Equilibrium in the Baltic: the Polish Baltic Institute’s view on Nordic and Baltic Sea cooperation in the interwar period [Kokkuvõte: Tasakaal Läänemerel: Poola Balti Instituudi vaatenurk koostööle Põhjamaadega ja Läänemere riikidega sõdadevahelisel ajal]


  • Marta Grzechnik




As a result of the First World War, Poland regained independence and access to the Baltic Sea, which caused increased interest in maritime matters among Polish scholars. One of the manifestations of this interest was the founding of the Baltic Institute in 1925, the goals of which were to promote the vision of the Baltic Sea as an important part of the Polish nation’s life, construct a maritime identity in society, and argue for Polish access to the sea against German revisionist arguments. As was typical in Poland, the Baltic Sea and related issues were most often discussed from the point of view of Polish foreign policy and security, as well as the country’s place in the Baltic Sea region and in Europe. In the last years of the interwar period, the Institute also became more interested in cooperation in the Baltic Sea region and in Poland’s Scandinavian/ Nordic neighbours. Scandinavian neutrality and Nordic unity were discussed and analyzed in relation to Polish interests and foreign policy. One of the results of this analysis was a proposal to transform Scandinavian neutrality into a Scandinavian-Baltic version, thanks to which it would be possible to secure peace in Europe. Keywords: Baltic Sea region, interwar period, Baltic Institute, Poland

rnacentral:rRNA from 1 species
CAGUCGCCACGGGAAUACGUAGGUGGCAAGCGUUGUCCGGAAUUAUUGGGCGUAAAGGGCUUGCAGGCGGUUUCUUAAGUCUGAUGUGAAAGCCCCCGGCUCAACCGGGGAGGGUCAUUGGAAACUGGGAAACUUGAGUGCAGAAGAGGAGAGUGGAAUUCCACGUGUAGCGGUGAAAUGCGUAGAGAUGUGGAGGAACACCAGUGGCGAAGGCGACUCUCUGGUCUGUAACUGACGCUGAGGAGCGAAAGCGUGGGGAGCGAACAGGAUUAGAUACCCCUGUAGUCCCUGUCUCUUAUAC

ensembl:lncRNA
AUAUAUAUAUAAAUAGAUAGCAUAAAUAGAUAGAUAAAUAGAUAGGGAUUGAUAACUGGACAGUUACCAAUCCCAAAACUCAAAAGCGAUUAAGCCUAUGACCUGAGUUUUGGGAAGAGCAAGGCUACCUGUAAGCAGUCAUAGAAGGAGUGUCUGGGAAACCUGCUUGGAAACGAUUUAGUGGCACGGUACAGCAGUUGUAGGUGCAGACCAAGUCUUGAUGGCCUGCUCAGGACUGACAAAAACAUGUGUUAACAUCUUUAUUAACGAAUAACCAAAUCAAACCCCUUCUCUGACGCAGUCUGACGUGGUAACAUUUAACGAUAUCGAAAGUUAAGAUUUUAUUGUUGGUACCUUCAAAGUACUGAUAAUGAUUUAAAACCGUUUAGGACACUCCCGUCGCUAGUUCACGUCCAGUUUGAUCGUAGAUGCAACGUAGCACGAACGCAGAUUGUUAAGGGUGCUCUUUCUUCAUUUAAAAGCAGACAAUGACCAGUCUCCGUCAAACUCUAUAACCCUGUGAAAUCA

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Author Biography

Marta Grzechnik

(b. 1981), an Assistant Professor at the Institute of Scandinavian Studies and Applied Linguistics, University of Gdansk and a Research Fellow at the Department of History, University of Greifswald. E-mail: marta.grzechnik@eui.eu